1. What is your working habitat?
The IMAT instrument, my office, sometimes ISIS bio or chemical labs and soon the new ISIS research greenhouse. I prepare samples in the labs or help users doing it, run experiments on IMAT beamline and analyse data. I communicate results to the scientific community; collaborate with industry/academia to apply the results of my research and initiate new interdisciplinary projects using different complementary techniques (e.g. neutron imaging and X-ray imaging).
2. What types of bioscience work have you done?
Life science research on IMAT is expanding, we have unveiled the internal structure of teeth, studied fossils, and explored the dynamics of water in soil-plant systems.
Here there are some of the projects I'm currently working on:
- Correlative imaging of plant roots using X-rays and neutron imaging (PhD studentship: ISIS-Southampton University-Diamond)
- Characterization of the internal anatomy of exceptionally preserved fossils through neutron imaging that have proven unsuitable for study with X-ray imaging (collaboration with Oxford University - Imperial College - Manchester University - NHM)
- Quantification of the dynamics of water sorption and desorption occurring in textile samples and evaluation of the individual response of each layer to changes in relative humidity (with UCL and Birkbeck University)
- Quantitative imaging of the 3D distribution of organic carbon in naturally structured soil (with Swedish University of Agricultural Sciences, Uppsala)
- Study of the root architecture and water uptake of a wild-type wheat and a water use efficient wheat mutant by using neutron and X-Ray CT imaging (with Sheffield University)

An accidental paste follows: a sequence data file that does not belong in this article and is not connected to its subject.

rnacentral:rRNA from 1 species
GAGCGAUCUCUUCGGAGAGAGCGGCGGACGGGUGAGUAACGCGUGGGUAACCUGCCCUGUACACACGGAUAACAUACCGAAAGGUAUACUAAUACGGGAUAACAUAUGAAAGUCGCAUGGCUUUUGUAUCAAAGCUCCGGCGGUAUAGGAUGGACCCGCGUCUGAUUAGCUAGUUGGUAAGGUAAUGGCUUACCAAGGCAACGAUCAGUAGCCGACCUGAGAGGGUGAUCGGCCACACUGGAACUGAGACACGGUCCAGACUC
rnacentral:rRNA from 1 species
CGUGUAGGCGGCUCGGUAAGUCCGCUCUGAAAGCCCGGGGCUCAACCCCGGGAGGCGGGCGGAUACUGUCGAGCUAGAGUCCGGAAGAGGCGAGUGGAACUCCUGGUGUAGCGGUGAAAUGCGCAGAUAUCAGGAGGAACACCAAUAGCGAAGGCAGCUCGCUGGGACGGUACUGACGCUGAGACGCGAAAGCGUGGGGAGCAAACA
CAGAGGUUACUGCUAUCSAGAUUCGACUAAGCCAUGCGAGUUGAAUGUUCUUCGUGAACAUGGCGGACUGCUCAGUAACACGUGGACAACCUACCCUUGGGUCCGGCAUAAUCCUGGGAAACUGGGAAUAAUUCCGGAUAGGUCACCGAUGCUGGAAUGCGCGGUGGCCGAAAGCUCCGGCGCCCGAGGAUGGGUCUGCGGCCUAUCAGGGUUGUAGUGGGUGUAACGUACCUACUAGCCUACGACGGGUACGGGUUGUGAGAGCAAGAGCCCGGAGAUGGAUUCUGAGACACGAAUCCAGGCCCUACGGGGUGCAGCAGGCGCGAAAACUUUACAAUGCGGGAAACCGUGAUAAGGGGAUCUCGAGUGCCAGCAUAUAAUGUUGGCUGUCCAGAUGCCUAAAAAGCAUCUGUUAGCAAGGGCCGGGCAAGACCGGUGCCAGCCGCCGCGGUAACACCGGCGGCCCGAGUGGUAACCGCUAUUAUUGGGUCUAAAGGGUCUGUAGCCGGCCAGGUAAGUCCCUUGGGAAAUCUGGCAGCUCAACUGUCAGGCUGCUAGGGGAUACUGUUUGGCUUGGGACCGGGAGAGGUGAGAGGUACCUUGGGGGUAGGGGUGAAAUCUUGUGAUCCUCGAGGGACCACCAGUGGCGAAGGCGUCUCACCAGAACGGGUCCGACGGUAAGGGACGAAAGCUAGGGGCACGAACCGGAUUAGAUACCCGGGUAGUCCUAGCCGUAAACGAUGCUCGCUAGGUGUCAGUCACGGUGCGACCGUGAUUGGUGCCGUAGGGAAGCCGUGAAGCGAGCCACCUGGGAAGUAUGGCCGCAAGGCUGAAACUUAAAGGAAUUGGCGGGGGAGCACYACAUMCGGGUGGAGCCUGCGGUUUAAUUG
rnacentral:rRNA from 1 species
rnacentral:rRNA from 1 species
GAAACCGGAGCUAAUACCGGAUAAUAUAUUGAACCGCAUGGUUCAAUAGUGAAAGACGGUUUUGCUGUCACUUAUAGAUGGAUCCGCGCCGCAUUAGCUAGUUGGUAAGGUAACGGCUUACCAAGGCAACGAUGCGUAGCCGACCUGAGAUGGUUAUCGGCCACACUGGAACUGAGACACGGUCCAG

3. What do you like about working at ISIS?
The opportunity to be creative, have your own research, initiate and being involved in ground-breaking science projects with partners from universities or other research facilities, the prolific collaboration with scientists and engineers across different departments.
4. What does physics bring to your bioscience work?
These types of samples can often be fragile meaning neutron imaging analysis is ideal as it will not compromise or damage the sample, being entirely non-invasive. Most of the samples from the life sciences field are largely composed of hydrogen, making them especially suitable for neutron analysis. Where X-ray tomography can struggle to provide contrast, neutron imaging is especially good at detecting different isotopes of hydrogen which can be used to highlight different parts of a sample.
5. What's do you like about working on bioscience experiments?
Applying neutron imaging in life sciences experiments is both challenging and exciting. This kind of experiments have a high level of complexity and novelty and it would be almost impossible to run them successfully without having very good research teams which bring together the best scientists in their fields. The wide range of applications of the experimental results makes our work instrumental in the advancement of different research areas, e.g. agriculture, palaeontology, textile industry, soil science, biomedicine, forensic science.
6. What inspires you to be a scientist?
The need to bring my own contribution to the progress of science by developing new techniques to investigate in more depth the complexity of matter in order to get a better understanding of the world and universe we live in.
7. What are you most proud of about yourself or your work?
Doing innovative research on IMAT, the first neutron imaging beamline in the UK for which I have done modelling calculations. The journey from figures to neutron imaging applications in life sciences cutting edge research which I've initiated on IMAT is a real adventure far from its end.
8. Who is your science role model?
When I was a child, it was Sir Isaac Newton because he seemed to know everything. Now it is Professor Dame Jocelyn Bell Burnell who discovered pulsars, inspired me with her passion for science, determination and resilience.
9. Are there any misconceptions about your job? What stereotypes do you want to address?
I consider that a scientist as an individual with an inquisitive, resourceful and open mind should always try to overcome any sort of misconceptions and stereotypes. However, communication and dialogue must play an important role in this.
10. Describe your job in 3 words.
Innovative, Interdisciplinary, Research
11. Do you have any hobbies or passions outside of work?
Hiking, gardening or cooking help me to relax. Sometime I feel the need to go to a concert and Elgar, Rachmaninoff, Dvorak and Karl Jenkins are some of my favourites.